On Tuesday and Wednesday, April 10 and April 11, Facebook Founder and CEO Mark Zuckerberg testified to both the U.S. House and Senate after reports emerged that Facebook collected personal data from at least 87 million users and sold it to Cambridge Analytica, a data company hired by the Trump campaign to analyze and target campaign ads towards certain demographics on social media.
The controversy, however, doesn’t end there. According to other verified reports, Zuckerberg knew about the data collection for well over a year but failed to report or inform users whose data was sold to and used by Cambridge Analytica. With the data, Cambridge built psychological voter profiles ahead of the election that many experts say was instrumental in Trump’s victories in Wisconsin, Florida, and Pennsylvania, which ultimately decided the 2016 presidential election.
On Tuesday, Zuckerberg appeared before the Senate Judiciary and Commerce committees, facing a variety of questions from privacy to political polarization following the reports and revelations. A notable moment from Tuesday’s hearings was when Republican Sen. John Kennedy said to Zuckerberg that Facebook’s user agreement “sucks.” The remark got a laugh out of everyone in the room, including Zuckerberg and other senators.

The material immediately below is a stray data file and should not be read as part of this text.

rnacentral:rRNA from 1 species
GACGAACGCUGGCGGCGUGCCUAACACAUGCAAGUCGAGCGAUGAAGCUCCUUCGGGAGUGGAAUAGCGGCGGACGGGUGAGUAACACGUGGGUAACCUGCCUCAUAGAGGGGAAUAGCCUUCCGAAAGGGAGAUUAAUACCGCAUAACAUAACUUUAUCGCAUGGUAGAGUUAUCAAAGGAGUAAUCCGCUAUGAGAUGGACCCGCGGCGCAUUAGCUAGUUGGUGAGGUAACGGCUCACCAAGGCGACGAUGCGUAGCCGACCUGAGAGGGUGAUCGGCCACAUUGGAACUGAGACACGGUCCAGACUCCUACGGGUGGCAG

While Tuesday was an easy day in terms of Congressional testimony standards, with senators giving him ample time and leniency for his answers, Wednesday was a much tougher day for both Zuckerberg and lawmakers. In a hearing with the House Energy and Commerce Committee, lawmakers were much more direct and overreaching with their questions. Throughout much of the hearing, dissatisfied lawmakers would blatantly interrupt Zuckerberg to ask follow-up questions or express displeasure with his answers.
While Zuckerberg gave over 10 hours of testimony and answered over 600 questions between the two days, several lawmakers, media pundits, and even informed citizens were frustrated with his lack of clarity and specificity. Over the two days, Zuckerberg said a variation of “I will get back to you on that” 42 times.
Either Zuckerberg truly did not know answers to the questions, or he had the answers and was afraid of the scrutiny that may follow them. No matter the case one thing is clear: Zuckerberg and Facebook still has an uphill battling in convincing their users and the public that Facebook will protect user privacy.